"This series of initiatives confirms the growing importance of Africa for all of us in the G8. The UK alone will spend £1 billion in Africa next financial year. A major part of the agenda for our G8 Summit next year will be the work of the Africa Commission that we have established. The commission will report back next spring with a series of agreed recommendations for action. We will then work with the rest of the G8 to take them forward.

"The other major part of the agenda for the UK presidency of the G8 in 2005 will be climate change. We need to make progress with ratification of Kyoto; but we also need to look beyond Kyoto and its 2012 time frame.

"We had an extensive discussion of the world economy. We agreed on the need for further structural reforms in our economies to accelerate growth. We discussed the current level of oil prices, notably the recent pledge by OPEC to increase production. On trade, there was broad agreement to press ahead with the Doha Development Round. We called on all parties to take the measures necessary to get the round moving forward. The benefits are clear: substantially reducing trade barriers could boost global incomes by 500 billion dollars a year, with most going to developing countries.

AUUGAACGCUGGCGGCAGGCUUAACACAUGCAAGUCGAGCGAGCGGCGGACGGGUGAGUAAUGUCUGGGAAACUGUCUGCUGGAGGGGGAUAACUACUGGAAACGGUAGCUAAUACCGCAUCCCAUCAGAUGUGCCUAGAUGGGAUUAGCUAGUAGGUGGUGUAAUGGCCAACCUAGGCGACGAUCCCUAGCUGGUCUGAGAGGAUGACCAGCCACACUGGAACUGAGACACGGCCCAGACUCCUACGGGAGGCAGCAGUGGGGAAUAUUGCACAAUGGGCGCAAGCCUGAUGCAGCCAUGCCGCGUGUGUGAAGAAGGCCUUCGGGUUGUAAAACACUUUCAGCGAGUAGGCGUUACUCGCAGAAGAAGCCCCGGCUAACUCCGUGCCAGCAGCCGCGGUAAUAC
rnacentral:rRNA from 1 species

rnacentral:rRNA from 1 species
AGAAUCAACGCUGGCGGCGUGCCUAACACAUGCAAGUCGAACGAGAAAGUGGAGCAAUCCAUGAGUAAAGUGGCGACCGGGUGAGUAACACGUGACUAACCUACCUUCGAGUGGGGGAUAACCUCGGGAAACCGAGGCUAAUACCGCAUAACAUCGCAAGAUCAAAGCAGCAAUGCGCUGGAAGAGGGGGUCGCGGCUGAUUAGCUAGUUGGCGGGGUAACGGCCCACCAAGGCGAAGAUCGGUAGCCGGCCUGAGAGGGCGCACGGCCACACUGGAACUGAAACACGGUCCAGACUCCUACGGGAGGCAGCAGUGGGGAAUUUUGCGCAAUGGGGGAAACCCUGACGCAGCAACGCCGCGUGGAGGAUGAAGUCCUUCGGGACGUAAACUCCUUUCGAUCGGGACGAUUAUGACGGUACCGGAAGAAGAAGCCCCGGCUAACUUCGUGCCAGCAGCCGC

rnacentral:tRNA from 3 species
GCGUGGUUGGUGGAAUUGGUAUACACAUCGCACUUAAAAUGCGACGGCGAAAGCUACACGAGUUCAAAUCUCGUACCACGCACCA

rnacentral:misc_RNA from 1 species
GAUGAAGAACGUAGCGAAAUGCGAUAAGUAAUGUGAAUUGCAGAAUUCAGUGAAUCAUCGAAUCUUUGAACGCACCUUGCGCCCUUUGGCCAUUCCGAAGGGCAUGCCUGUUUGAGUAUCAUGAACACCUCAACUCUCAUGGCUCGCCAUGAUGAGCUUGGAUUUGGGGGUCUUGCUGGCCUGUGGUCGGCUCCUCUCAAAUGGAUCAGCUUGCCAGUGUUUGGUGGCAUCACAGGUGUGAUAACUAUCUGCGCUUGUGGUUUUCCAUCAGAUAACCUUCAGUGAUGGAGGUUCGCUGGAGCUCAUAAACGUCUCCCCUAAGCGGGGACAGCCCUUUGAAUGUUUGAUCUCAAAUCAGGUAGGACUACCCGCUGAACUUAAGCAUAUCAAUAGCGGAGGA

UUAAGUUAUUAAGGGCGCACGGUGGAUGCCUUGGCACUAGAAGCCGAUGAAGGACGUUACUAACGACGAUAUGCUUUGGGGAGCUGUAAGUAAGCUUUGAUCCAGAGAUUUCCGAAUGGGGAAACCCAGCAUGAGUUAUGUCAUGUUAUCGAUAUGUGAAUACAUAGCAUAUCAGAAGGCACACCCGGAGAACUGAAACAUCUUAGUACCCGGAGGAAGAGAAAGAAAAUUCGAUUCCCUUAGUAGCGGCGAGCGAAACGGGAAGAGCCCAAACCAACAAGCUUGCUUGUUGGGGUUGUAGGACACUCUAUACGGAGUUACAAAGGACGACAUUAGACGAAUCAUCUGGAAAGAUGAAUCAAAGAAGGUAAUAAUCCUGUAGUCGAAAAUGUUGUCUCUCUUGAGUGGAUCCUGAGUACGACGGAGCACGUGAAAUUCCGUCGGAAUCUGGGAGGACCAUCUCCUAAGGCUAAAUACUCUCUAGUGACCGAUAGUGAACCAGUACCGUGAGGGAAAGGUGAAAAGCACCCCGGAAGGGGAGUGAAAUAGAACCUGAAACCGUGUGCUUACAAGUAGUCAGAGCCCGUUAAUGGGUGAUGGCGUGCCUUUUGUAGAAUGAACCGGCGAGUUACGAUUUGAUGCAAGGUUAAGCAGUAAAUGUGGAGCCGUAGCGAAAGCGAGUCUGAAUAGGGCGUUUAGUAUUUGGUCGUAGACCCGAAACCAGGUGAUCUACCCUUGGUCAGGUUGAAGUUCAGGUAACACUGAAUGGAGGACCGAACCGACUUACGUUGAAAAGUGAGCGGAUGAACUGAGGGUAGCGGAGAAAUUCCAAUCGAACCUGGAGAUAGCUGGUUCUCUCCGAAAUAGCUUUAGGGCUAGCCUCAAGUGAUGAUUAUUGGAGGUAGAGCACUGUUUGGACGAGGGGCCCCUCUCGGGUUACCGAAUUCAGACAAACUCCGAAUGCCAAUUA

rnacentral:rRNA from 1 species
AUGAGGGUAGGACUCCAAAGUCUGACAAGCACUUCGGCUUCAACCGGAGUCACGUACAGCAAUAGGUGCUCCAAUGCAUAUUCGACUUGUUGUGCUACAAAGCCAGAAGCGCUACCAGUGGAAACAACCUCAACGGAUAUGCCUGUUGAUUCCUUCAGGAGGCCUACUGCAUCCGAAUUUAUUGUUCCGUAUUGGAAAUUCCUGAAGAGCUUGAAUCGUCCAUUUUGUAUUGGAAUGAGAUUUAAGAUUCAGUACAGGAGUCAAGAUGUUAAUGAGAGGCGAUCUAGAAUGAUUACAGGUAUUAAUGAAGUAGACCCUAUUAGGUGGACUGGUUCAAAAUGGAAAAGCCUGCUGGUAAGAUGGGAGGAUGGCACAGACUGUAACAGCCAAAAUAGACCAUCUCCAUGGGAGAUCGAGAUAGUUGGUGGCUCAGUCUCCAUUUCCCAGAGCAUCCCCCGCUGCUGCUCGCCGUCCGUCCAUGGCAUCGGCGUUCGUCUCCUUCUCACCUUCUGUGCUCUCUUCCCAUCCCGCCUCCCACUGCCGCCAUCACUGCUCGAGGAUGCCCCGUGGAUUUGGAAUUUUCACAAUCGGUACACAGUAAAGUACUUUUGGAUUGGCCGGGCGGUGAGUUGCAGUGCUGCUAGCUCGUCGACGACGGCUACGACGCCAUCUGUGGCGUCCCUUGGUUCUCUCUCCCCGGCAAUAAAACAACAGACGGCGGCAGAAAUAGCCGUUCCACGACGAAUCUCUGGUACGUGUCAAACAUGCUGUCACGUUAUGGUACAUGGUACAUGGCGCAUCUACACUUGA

"On non-proliferation, we adopted an action plan building on and enhancing the existing global non-proliferation regime. We recognised the need to strengthen controls on the transfer of nuclear enrichment and reprocessing technology. We agreed to have new measures in place before next year's summit.

"The G8 was originally created to discuss economic issues. Of course we still do this but, increasingly, the focus has moved towards issues of international solidarity. This is because it is clear that in an interdependent world, what blights or enhances one part of the world affects the other parts too. It is morally right that we extend democracy, cut poverty, remove the causes of conflict and instability and bring the hope of advancement to all nations. But it is also now clearly in our enlightened self-interest.